Many little water filters.

Great solutions can sometimes be so simple. For instance, in Thailand employees of BMW Group Thailand “Care4Water” have distributed countless little water filters – and helped over 343,400 people get clean drinking water in the process.

Opas Noppornpitak grew up in the city, which means he took many things for granted – like clean water. Just turn on the tap and out it comes. The idea that things can be very different for other people had never really occurred to Opas – until he accompanied the “Care4Water” team of BMW Group Thailand into the provinces. A completely new world was revealed to the Manager of Corporate Communications from the plant in Thailand. “The village was right near the main road – yet the water that came out of the tap there was brown and pretty much undrinkable”, says Opas, shaking his head in disgust.

His colleague Jariya Koonlinthip, Chief Operations Officer at BMW Financial Services in Thailand, had a similar experience. The inhabitants of the village she visited had been collecting rainwater in jugs under their houses, in amongst all the mud and dirt. Not even the water used by the local hospital was clean, she recalls. In reality, few people in remoted areas in Thailand have enough money to be able to buy clean, bottled water. “But we can still do a lot for those who have no choice”, says Jariya.

When Opas and Jariya went into the villages, they had a solution for the villagers in their backpacks – little water filters fitted with a simple membrane that works without any batteries, electricity or mechanical devices. They are the same kind of water filters that former surfing pro John Rose took with him on his round-the-world trip about ten years ago. Forever in search of the perfect wave, the American surfer frequently found himself in regions with no running water – and definitely no clean water – in sight. At that time, John began handing out to local villagers the water filters he had originally taken with him purely for his own use. His surfing and backpacking community soon followed suit. A short time later, he founded the organisation Waves for Water, which now works with the support of various partners in 37 different countries around the world. Two years ago, John found some willing new recruits and enthusiastic partners in the form of the BMW Financial Services team. “The experience of being able to help people who live on the outskirts of our BMW Group Thailand offices in Bangkok and our plant in Rayong is not something you can buy with all the money in the world”, says Ong-ard Arunsaengroj, Sales & Marketing Director of BMW Financial Services in Thailand.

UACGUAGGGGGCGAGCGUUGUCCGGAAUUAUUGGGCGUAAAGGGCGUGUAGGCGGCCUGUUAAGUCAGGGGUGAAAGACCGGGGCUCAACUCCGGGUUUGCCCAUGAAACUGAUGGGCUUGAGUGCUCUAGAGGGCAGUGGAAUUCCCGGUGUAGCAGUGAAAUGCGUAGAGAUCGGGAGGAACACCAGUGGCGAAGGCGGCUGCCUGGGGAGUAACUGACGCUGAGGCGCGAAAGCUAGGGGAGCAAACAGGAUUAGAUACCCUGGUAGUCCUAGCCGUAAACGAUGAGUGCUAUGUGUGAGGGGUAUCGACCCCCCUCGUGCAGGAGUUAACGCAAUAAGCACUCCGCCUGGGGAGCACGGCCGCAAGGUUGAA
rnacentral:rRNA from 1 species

Sometimes the areas the BMW teams reach with their “Care4Water” initiative are more than 600 kilometres away from Bangkok. This means that the volunteers have to spend up to two days in the sweltering heat and humidity on dirt roads. “The amazing beauty of the landscape and the warm welcome from villagers make me forget all the hardship,” says Ong-ard. However, handing them out is not enough. For these BMW Group Thailand staff also assume long-term responsibility. Ong-ard likes to stay in touch with these people and help them if they have any problems with the filters”.

Over time, more and more employees of the BMW Group Thailand have joined the “Care4Water” team. Over 400 volunteers have been involved in the initiative since 2015 and rolled out more than 3,434 water filter systems to 39 communities in Thailand. One filter can provide 100 people with clean water every day. As a consequence, the company provided up to 343,400 Thai people with access to clean water at this point. Word has got around amongst their colleagues in India, Mexico and Brazil too, who now also distribute filters to people living in rural areas around the outskirts of BMW plants. But there is still much to be done – including in Thailand. “There are so many people out there we want to reach. So I will keep at it”, promises Opas. In this year alone, he and his colleagues plan to distribute 1600 water filters in Thailand.